As you've probably heard by now, Boeing has filed its long-anticipated protest on the KC-X Tanker contract. Boeing included a laundry list of complaints, criticizing how the U.S. Air Force interpreted Boeing's cost/price data, alleging it overemphasized the plane's ability to carry cargo as opposed to fuel, and underemphasized the plane's survivability in combat. Boeing said that the Air Force assigned "identical ratings across all five valuations factors: (1) Mission Capability, (2) Risk, (3) Past Performance, (4) Cost/Price, and (5) Integrated Fleet Aerial Refueling Assessment" to both Boeing's KC-767AT offering, and Northrop Grumman's
Interesting word choice there, Boeing. "Seriously flawed," you say? I wonder whether the Air Force's selection process was as "flawed" as, say, the border fence that Boeing and partners built for Homeland Security. Boeing itself called that one flawed. And the Government Accountability Office concluded that Boeing's fence "did not fully meet user needs, and the project's design will not be used as the basis for future ... development."
Of course, there's a difference between building fences and building multimillion-dollar aircraft. (Building fences is easier.) But if I recall correctly, Boeing hasn't been doing so hot lately at the airplane-building business either. For example, before losing the Air Force contract, it won bids to provide refueling tankers to both Japan and Italy. Boeing finally delivered its first tanker to Japan in February, a year later than it had agreed to. Italy's still waiting for its first delivery -- two years overdue.
And then there's the highest profile plane job of all: Boeing's vaunted 787 Dreamliner, fast evolving into Boeing's Logistical Nightmare Liner. Boeing initially promised to deliver 112 Dreamliners to its customers over the course of 2009. But as we learned just yesterday, a massive bungling of the logistical supply chain threatens to reduce that number to as few as 45 Dreamliners, and counting ... backward.
All of which the Pentagon might want to consider when deciding whether to give Boeing and its partner Textron
Replete with irregularities
And then there's the matter of "irregularities." Here again, we find Boeing tap-dancing through a minefield of unintended allusions. I mean, what could be more "irregular" than trying to win a contract by stealing documents from a competitor -- as Boeing was accused of doing in 1998, when competing with Lockheed Martin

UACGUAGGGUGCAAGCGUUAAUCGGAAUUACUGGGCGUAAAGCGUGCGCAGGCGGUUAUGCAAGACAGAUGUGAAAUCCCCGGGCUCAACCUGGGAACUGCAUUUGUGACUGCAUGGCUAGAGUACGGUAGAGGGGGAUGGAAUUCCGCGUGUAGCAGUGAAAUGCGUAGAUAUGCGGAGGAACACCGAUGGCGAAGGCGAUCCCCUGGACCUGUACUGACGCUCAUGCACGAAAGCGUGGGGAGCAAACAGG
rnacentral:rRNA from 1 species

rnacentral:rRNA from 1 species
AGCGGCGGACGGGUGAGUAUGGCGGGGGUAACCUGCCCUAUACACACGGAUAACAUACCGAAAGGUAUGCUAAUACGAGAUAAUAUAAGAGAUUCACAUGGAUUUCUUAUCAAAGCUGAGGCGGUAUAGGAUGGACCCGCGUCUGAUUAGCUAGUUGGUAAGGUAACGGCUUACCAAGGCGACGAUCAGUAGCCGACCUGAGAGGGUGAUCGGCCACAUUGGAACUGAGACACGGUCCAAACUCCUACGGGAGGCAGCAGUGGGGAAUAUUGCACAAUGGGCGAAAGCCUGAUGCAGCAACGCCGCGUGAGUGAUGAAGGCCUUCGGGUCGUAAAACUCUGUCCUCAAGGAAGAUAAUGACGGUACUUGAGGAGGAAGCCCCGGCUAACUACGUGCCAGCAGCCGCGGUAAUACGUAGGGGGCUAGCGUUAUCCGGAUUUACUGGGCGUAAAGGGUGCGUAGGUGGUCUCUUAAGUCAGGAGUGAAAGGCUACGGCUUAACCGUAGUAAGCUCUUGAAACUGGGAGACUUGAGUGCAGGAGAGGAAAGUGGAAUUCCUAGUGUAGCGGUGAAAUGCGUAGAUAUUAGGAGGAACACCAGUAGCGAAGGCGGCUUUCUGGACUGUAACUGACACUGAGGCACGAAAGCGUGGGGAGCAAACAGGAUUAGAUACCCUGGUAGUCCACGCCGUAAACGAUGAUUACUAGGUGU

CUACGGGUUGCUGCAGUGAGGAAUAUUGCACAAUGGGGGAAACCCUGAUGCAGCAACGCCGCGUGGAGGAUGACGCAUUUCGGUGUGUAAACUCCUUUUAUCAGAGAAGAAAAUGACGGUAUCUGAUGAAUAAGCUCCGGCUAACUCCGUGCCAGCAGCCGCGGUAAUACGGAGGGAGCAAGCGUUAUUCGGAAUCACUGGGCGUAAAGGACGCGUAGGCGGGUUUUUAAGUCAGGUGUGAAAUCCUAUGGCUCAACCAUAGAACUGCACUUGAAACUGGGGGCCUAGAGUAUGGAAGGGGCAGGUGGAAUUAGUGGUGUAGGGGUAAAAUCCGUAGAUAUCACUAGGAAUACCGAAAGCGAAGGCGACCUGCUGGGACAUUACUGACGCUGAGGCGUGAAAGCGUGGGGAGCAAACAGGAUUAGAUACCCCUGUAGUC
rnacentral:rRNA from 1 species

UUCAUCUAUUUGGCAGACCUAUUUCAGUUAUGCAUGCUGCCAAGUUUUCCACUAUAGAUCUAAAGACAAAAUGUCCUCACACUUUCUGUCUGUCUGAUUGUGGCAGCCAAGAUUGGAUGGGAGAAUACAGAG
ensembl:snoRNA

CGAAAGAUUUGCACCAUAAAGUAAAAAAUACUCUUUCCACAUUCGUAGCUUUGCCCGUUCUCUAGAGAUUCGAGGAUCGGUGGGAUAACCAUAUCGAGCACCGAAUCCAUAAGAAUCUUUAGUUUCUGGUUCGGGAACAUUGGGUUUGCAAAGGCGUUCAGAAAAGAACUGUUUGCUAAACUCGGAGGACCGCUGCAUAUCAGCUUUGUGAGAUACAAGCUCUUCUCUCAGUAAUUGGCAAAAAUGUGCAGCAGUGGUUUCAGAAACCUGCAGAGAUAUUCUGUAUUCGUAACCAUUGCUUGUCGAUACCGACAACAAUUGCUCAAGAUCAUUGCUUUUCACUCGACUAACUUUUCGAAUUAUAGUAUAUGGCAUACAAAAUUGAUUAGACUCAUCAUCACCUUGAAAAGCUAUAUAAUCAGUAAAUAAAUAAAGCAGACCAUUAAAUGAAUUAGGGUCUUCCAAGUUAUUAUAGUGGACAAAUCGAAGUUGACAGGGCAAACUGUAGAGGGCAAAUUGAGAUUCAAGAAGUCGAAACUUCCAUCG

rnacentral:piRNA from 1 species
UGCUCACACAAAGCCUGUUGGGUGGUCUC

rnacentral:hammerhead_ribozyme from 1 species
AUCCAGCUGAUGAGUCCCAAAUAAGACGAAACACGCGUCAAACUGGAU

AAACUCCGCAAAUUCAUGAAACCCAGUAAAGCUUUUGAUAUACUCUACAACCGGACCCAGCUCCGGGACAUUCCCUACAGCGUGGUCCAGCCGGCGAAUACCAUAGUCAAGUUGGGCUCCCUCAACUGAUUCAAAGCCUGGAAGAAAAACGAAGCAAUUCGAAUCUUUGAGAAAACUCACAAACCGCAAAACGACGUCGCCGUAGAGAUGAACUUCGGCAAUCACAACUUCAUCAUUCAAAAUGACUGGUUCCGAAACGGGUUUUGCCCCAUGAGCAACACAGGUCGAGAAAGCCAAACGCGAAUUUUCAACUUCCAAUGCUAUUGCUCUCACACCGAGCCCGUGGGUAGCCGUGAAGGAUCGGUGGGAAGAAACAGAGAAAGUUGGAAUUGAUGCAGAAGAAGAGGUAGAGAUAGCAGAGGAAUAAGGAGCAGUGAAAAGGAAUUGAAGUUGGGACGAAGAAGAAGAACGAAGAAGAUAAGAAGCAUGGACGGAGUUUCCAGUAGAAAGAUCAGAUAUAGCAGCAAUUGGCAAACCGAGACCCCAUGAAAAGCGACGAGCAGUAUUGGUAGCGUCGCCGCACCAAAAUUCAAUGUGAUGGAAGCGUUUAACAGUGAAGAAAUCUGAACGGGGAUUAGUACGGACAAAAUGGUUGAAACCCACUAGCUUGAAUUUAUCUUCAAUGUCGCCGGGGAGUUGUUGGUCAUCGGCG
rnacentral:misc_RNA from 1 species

More recently, and even more on point, I wonder if Boeing remembers how it got itself into this life-or-death struggle with Northrop in the first place. Here's a hint: In 2003, Boeing was accused of misconduct in its dealings with a Pentagon procurement official responsible for negotiating a lease of 100 new refueling tankers. It seems that in exchange for assisting Boeing on Airbus' bid for the contract (Airbus parent EADS allied with Northrop in winning the latest tanker contract), she got a job at Boeing HQ upon retiring from the military. Nice. That one cost Boeing a cool $615 million fine, and cost Boeing CFO Mike Sears his job.
Back to the present
So now comes Boeing, complaining about being on the receiving end of "serious flaws" and "irregularities." Well, boo-hoo.
Now, I don't mean to be callous -- for all I know, Boeing's KC-767AT really was the better plane. Could be the Pentagon really didn't give the boys from Illinois a fair shake on this deal. The way both parties to this dispute are spinning the facts, it's impossible for an outsider to know which way is up. For example, on the day Boeing filed its complaint, victorious Northrop magically discovered that its contract win would create 48,000 new U.S. jobs, instead of the 25,000 it had previously announced. (If you take either of those numbers at face value, I've got a border fence in Tucson I'd like to sell you.)
What I do know is that by waving the red flag of Made-in-the-USA-ism, and challenging the award of the tanker program to another U.S. contractor (albeit one partnered with a European ally), Boeing holds up the deployment of the tankers by at least the 100 days that the GAO will take to rule on its challenge. Furthermore, the GAO's decision is not binding, so if Boeing loses, it could appeal to federal court, dragging out the process for months or years to come. A similar GAO challenge launched by L-3 Communications
Moral of the story
Boeing has a choice to make. It can continue to play the hypocrite, and perhaps reap tens of billions of dollars in reward, if it manages to outplay Northrop and EADS in the public relations war. Personally, I'd rather see Boeing admit its past failures, and fix the work that it's already won before it starts whining about the unfairness of not winning new work.
Like my mama used to tell me, "Clean up your old toys first, and then you can play with a new one."